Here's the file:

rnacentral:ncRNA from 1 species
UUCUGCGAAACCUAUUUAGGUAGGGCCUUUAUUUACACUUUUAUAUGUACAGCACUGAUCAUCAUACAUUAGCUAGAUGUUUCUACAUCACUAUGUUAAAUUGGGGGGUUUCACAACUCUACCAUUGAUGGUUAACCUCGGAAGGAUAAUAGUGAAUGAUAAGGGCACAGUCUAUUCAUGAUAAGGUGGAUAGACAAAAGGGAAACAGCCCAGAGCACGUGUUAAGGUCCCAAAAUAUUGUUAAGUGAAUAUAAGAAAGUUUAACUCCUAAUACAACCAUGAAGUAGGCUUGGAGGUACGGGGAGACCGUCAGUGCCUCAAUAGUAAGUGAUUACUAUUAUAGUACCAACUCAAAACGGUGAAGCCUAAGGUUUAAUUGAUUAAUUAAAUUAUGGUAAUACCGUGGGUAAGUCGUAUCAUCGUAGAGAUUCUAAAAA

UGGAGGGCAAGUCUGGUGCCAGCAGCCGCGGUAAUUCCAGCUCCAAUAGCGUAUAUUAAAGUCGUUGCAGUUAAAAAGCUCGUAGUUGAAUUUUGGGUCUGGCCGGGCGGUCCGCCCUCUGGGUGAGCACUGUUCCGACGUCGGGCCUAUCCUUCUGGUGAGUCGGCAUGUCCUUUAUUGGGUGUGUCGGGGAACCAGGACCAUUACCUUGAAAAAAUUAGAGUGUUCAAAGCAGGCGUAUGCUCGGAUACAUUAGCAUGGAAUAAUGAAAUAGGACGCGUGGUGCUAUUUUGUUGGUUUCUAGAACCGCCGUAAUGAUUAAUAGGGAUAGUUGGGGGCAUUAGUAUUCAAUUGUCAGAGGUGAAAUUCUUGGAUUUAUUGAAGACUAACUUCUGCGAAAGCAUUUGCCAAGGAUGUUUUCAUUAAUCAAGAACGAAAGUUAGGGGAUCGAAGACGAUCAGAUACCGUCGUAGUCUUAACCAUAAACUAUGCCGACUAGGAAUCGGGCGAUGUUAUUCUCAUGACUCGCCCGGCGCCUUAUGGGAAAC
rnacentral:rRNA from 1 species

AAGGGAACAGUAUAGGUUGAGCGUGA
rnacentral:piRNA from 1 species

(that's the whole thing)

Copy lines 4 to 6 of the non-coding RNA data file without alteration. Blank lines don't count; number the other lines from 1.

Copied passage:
rnacentral:rRNA from 1 species

AAGGGAACAGUAUAGGUUGAGCGUGA
rnacentral:piRNA from 1 species